Installing interlocks on all convicted drunk drivers' vehicles would save approximately 4,000 lives a year. I only wish my son could have been one of those lives saved. On May 3, 1988, Courtney was playing with his two older cousins at his grandmother's house. Hearing the alluring music of an ice cream truck, Courtney followed his cousins outside. That's when the offender's car came barreling down the street and hit Courtney at 70 mph, dragging his small body more than 150 feet before the car stopped. My son was killed instantly.
The drunk driver had a blood-alcohol level of .26 at the time of the crash and was driving with a revoked license and three prior DUI convictions. The driver would have been a prime candidate for an interlock. Instead, he killed my son and got 15 years in prison.
Progress against drunk driving has stalled in recent years. And measures to stop drunks from driving, such as license suspension, aren't having the intended effect. For instance, two-thirds of those whose licenses are suspended for driving while under the influence of alcohol, or DUI, drive anyway.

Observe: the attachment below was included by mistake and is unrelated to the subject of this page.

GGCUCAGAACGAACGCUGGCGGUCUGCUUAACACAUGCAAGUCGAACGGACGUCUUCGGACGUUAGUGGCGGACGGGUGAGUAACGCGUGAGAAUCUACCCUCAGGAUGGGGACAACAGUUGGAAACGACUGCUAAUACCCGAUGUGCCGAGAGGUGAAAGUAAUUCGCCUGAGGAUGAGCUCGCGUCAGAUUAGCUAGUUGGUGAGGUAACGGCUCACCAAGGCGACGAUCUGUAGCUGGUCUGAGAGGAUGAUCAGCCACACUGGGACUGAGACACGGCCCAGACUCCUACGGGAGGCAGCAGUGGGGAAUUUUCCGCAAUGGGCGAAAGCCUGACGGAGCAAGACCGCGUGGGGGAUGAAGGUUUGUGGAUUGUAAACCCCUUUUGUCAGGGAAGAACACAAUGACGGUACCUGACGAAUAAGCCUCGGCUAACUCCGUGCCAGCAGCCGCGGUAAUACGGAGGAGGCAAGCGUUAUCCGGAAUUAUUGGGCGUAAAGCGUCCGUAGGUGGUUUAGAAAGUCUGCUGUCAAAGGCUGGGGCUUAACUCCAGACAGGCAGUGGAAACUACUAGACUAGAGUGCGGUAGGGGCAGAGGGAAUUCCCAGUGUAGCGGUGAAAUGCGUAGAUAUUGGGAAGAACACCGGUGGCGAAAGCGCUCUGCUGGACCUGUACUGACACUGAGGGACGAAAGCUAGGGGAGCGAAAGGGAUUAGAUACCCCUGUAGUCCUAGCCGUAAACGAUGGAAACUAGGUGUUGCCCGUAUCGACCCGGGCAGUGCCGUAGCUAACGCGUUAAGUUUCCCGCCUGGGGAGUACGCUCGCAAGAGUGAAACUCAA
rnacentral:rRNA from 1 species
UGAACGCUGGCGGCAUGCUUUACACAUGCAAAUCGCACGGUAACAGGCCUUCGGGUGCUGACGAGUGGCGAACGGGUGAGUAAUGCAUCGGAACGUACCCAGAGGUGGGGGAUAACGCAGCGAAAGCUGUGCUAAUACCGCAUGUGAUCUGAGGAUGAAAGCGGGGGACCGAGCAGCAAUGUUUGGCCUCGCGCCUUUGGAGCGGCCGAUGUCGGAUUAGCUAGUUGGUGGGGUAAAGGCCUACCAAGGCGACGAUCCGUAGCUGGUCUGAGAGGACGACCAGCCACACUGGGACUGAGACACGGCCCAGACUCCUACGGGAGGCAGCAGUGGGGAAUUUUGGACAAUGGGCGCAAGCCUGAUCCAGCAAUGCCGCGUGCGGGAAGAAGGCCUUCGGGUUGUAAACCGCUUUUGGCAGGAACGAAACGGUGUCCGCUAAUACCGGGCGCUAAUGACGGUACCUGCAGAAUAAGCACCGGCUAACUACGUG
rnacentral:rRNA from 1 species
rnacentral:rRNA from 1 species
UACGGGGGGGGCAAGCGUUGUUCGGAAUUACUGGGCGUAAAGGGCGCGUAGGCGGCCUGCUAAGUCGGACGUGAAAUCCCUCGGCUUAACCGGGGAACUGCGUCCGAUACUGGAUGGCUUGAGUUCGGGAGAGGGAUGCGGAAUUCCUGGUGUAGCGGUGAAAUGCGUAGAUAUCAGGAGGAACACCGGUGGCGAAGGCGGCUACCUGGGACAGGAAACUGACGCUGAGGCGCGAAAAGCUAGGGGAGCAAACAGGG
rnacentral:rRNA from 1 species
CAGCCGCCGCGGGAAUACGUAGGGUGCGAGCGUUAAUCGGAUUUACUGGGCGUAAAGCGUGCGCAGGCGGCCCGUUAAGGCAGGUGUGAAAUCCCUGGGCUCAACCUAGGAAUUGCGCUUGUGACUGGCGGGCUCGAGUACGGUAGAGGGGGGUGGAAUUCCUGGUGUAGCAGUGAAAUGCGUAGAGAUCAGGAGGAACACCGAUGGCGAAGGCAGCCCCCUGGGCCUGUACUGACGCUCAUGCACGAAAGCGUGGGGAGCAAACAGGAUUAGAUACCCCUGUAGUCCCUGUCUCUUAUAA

That's why MADD—along with partners in federal and state government, law enforcement, the automobile industry, and distilled-spirits companies—believe the new campaign to eliminate, not reduce, drunk driving is the perfect antidote to the problem at hand.
More on this article by Glynn Birch in Business Week.
Buckle up your precious cargo, make sure your child's car seat is installed properly, drive defensively and don't drink and drive!
The Staff at AskPatty.com, Inc.